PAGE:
The participants were taking part in Venture Trust’s Transitions to Independent Living programme, which is designed for those living in temporary supported accommodation, unstable tenancies or considered at risk of homelessness. The course helps participants to develop their confidence, relationships, employability and other skills necessary to secure and sustain permanent accommodation.
Six of the participants came from the slightly warmer climes of London and the surrounding area, and arrived with energy and excitement, despite delays on their 6-hour train journey. On arrival, they met the other participants at our Stirling base who came from Aberdeen and the group soon bonded during a meal - fish and chips in Pitlochry.
At Kinloch Rannoch Outdoor Centre the group created a great buzz and supportive culture. There was a positive energy as many of the participants stepped out of their comfort zones to challenge themselves, taking part in activities including climbing and abseiling.
The group set out from the centre ready for their expedition with the weather dry but cold. It wasn't long before the weather started to deteriorate but they were able to set up camp, cook dinner on their Trangia stoves and settle in for the night under canvas in the Scottish wilderness.
When they awoke and peered out of their tents the group faced a different type of challenge - heavy snow. Some of the participants described it as a "winter wonderland" or something from Disney's 'Frozen', however, on assessment, the Venture Trust team decided the challenges presented by the snow were too great so the decision was made to retreat back to the outdoor centre.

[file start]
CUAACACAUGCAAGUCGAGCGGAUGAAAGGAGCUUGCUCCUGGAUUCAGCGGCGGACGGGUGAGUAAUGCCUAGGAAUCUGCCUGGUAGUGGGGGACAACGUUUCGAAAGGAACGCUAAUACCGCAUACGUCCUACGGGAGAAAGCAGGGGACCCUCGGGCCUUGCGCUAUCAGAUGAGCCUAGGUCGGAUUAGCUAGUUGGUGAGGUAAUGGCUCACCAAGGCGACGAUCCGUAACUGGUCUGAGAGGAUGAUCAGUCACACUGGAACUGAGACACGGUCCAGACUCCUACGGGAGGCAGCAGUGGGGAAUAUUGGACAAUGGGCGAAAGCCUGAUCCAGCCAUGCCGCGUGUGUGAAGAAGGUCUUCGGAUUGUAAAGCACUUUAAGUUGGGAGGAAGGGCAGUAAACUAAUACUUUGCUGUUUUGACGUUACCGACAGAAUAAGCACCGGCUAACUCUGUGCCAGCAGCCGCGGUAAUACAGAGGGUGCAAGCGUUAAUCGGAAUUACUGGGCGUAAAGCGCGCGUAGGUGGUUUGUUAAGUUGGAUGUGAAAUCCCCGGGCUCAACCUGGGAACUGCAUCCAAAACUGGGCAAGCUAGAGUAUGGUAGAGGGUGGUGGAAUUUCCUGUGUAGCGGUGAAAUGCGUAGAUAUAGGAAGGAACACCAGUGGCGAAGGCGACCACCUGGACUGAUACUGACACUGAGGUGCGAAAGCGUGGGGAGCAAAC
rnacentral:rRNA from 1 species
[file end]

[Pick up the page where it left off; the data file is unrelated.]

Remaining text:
The change in plans provided an unexpected real-life scenario on which to demonstrate one of the cornerstones of Venture Trust's approach - Choice Theory/Reality Therapy. This framework helps participants to distinguish between what they can and cannot control, and to try to control only the controllable. Everyone dealt well with the change to the expedition and with the snow remaining constant over the next few days it certainly proved to be the right decision.
At the centre, the group continued to enjoy the experience and challenges of communal living. Being snowed in, alternative group activities were arranged and these included a Come Dine with Me competition which turned out to be very competitive - with some honest feedback and scoring. The group also got back outside to go on a forestry walk with lots of learning around the theme of 'Self, others and the environment' along with a few snow ball fights to keep everyone going.